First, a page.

The Czech government has agreed to allow expatriates still holding citizenship to vote in national elections from embassies abroad.
Deputy Prime Minister for Legislative Affairs Pavel Rychetsky told a news conference that the draft amendment would be included in an electoral reform law.
Tens of thousands of Czechs emigrated during communist rule in the former Czechoslovakia between 1948 and 1989. After democratic elections returned a decade ago, many of them have asked to have the right to vote from abroad.
Government spokesman Libor Roucek said the bill would also enable the winning party to form a majority cabinet with one smaller party without having to see its parliamentary seats redistributed in two mandatory vote counts.
The change of the election law has been agreed upon by the ruling Social Democrats and the main- opposition Civic Democrats under a deal which enabled the Social Democrats to form a minority cabinet after an inconclusive election almost two years ago.
Czech President Vaclav Havel cancelled state visits to Turkey and Romania scheduled for next week after an inflammation of his chronic bronchitis forced him to receive hospital treatment.
But on Wednesday, Mr. Havel met in hospital the outgoing Minister without Portfolio Jaroslav Basta, whom Prime Minister Milos Zeman dropped earlier this week as part of a government reshuffle. Mr. Basta was responsible for the coordination of secret services, whose performance Zeman has criticised as very poor. But on Wednesday, the prime minister changed his tone and praised Mr. Basta for his achievements in an anti-corruption drive.
The Czech Bishops Conference has denied that Cardinal Miloslav Vlk's trip to Vienna on Wednesday had political connotations although it took place at the invitation of Austrian President Thomas Klestil.
The Czech Catholic Primate Vlk, and the Hussite Church's Patriarch Josef Spak, were in Vienna for a symposium on the medieval Czech religious reformer Jan Hus.
The Bishops Conference spokesman Daniel Herman said the visit had been non-political and was in no way connected with Austria's internal policy or its international isolation because of the presence of the far-right Freedom Party in the country's new government.
The Czech Foreign Ministry on Wednesday condemned the latest violence in Iran where it said anti-democratic forces were trying to destabilise the situation and slow down a positive political development.
Earlier this week, unidentified assailants shot and wounded an adviser to the reform-minded Iranian President Mohammad Khatami, and People's Mojahedeen staged a mortar attack in Tehran.
February's election wins for the reformers have been welcomed by many states including the Czech Republic, whose deputy foreign minister is due to visit Iran in April.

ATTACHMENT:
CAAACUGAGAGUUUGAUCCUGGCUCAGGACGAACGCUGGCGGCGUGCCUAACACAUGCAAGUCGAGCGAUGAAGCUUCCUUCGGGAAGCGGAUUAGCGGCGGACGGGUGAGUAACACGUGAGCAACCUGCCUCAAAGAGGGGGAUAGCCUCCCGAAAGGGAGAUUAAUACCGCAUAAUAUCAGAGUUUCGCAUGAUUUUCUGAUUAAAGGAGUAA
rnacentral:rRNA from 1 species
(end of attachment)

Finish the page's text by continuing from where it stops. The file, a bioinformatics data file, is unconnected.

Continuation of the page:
The Czech interior ministry and police have expressed concern over threats reportedly issued by an obscure nationalistic group against government and public officials.
A group calling itself the Moravian Territorial Army earlier this week said in a letter that on Wednesday it would start executing public figures, including the president, who it said had discriminated against Moravia and its people. Moravia is the eastern part of the Czech Republic.
Security experts have indicated that the group in fact may not exist and the letter may have been a hoax.
A Prague court on Wednesday sentenced former British disc-jockey Chris Denning to four and a half years in prison for sexual abuse of eight teenage boys.
Mr. Denning was arrested in late 1997 along with three other men -- two Frenchmen and an American -- for having sought out boys as young as 12 years in Prague discotheques and seducing them with promises of money and gifts. The three accomplices received sentences of between three and three and a half years. The maximum sentence for the crime is eight years.
The trial received a measure of international notoriety because Mr. Denning delivered a closing statement in his defence that lasted for over 50 hours and delayed sentencing for almost three months. During the course of his speech, a court translator suffered a nervous breakdown and had to be replaced.
And we end as usual with a quick look at the weather.
After nighttime lows around freezing point, Thursday will be a wet day with frequent rain and snow showers and maximum temperatures between 2 and 6 degrees Celsius, dropping to zero at night.
On Friday and Saturday, cold northwestern air will continue to pour into the Czech Republic sending temperatures to around freezing point during both days.
I am Libor Kubik and that's the news.
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